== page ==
In the first case she suggest, "Romeo is suffering from a particular type of depression that . . . [deprives] him from having any dispositions to act." In such a case, Lauria says, "Still, it is conceivable that he desires certain states of affairs."

More specifically:

Romeo has no stronger desire, nor is he lacking the modal beliefs necessary for being disposed to act. He strongly wants that p, has no conflicting desires, and believes that he can act in favor of p, yet fails to be disposed to act."

We would still have to find some way of knowing that Romeo wants that p. Many of the things I am not disposed to bring about are things that I do not care to bring about. So, how is it that we can say that Romeo desires that p?

It may be the case that he expresses a strong wish that P be the case, and often thinks about P being the case in a favorable light, and asserts a wish that P be the case. We can see this as a case in which his frustrated parents say, "Then get off your duff and do something about it. If you want to see a change in the world, then make the change." Remember, this is not a case in which the agent believes that there is nothing he can do. He believes he can make a change, wants a change, and yet does nothing.

In such a case, it would be natural to conclude that the agent doesn't really want p all that badly - not so badly that it overrides his desire to lay about the house doing nothing. If the agent wants it, he would pursue it, and if he does not pursue it, he does not want it.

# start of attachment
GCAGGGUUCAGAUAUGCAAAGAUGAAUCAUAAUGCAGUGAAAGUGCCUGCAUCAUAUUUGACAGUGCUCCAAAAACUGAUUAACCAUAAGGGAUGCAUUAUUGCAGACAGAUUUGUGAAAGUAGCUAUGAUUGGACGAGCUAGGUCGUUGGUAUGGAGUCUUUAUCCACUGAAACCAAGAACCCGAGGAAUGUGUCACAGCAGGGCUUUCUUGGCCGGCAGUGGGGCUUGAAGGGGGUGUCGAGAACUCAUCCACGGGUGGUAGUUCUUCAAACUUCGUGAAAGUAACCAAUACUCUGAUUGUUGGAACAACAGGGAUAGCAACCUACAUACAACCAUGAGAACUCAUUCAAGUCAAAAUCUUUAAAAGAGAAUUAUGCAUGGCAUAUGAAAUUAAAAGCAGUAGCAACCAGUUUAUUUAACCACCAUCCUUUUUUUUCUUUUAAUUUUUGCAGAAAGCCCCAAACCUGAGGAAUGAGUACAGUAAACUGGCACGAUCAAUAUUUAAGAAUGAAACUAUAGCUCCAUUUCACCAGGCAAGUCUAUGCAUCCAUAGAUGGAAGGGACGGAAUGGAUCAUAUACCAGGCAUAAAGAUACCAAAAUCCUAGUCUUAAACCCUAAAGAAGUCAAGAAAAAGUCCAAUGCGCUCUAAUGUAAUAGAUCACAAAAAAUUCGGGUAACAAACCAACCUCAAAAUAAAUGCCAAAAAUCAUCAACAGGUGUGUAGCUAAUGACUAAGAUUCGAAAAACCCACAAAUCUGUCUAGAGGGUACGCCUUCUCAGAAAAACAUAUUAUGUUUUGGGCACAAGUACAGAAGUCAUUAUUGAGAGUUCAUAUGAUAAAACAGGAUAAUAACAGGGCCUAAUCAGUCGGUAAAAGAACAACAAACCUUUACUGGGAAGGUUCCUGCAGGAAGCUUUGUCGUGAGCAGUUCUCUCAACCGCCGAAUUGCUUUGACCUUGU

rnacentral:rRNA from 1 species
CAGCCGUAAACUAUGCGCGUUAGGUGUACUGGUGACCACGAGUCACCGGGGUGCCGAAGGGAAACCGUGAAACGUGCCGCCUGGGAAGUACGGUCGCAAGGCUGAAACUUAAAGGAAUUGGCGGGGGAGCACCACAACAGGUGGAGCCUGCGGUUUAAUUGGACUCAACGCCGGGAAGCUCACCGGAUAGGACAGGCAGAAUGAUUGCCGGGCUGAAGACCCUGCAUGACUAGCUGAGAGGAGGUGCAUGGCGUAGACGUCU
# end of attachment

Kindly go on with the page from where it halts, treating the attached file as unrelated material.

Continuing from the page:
This is not ot discredit genuine cases of depression. However, we can still account for depression as cases where the agent does not believe that he can actually make a difference.

It could be that he believes that his actions will fail. He may have no evidence for this, but merely think that the fates will conspire against him to take away that he values. Consequently, in fact, there is nothing he can do to bring about p.

Or he may think that what he wants does not have the type of value he is looking for. "What does it all matter in the end? The universe will die and there will be nobody around to even remember what we did." This is a case in which the agent's desire that p is a desire to do something that will have permanent importance - a state of affairs 'p' that he is actually powerless to bring about.

If it is the case that there can be an agent A1 with a desire that p, a belief that doing a will realize p, and no stronger desire that would be thwarted by doing a, and an agent A2 with the same conditions, and A1 does a while A2 does not, then what is it that explains this difference? What is this "other condition" that must be met that explains why A1 does a and A2 does not? There has to be something.

This is where Lauria mentions the empirical evidence. Unfortunately, he says, "Empirical studies suggest that patients suffering from Parkinson's disease or akinetic mutism." Akenetic mutisism is a condition where an agent reportedly lacks a will to move. These are considerations that I will have to put off until I look at the relevant empirical evidence, in about 3 weeks or so.